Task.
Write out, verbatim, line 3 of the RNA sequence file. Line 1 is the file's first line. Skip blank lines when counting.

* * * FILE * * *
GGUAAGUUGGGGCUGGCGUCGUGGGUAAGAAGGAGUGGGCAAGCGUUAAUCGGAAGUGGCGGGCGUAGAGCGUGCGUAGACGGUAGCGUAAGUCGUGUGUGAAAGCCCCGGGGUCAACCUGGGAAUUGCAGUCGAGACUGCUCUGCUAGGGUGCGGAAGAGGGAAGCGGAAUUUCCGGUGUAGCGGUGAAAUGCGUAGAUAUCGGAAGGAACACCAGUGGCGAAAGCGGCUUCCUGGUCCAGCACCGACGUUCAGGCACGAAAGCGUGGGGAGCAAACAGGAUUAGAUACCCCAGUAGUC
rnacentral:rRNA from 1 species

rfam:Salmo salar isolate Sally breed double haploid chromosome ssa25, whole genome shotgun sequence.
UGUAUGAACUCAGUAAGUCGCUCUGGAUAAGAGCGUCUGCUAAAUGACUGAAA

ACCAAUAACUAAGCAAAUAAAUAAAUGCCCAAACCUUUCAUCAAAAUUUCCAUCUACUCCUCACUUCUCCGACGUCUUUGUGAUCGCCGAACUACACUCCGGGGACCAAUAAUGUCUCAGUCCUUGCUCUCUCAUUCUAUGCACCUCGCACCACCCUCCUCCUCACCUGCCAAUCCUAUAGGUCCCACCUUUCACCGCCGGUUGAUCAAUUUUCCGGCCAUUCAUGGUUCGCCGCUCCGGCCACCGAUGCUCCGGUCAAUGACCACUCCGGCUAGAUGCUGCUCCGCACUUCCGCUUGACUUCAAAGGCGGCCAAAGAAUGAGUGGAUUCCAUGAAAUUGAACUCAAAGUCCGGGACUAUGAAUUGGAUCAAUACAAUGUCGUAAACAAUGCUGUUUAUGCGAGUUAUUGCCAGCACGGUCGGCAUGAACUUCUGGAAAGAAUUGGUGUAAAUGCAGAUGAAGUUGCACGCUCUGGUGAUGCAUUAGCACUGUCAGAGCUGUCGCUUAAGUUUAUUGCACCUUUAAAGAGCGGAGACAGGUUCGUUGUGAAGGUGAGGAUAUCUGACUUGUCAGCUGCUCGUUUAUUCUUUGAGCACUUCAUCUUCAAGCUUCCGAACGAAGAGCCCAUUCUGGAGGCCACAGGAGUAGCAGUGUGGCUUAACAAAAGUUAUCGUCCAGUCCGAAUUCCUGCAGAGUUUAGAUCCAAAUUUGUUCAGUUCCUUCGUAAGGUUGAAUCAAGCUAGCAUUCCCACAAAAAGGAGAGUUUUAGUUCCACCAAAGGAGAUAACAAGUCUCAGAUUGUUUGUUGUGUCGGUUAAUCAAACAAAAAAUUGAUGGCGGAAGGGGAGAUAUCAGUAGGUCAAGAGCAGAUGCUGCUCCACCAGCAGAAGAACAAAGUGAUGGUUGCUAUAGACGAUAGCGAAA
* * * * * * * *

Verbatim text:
rfam:Salmo salar isolate Sally breed double haploid chromosome ssa25, whole genome shotgun sequence.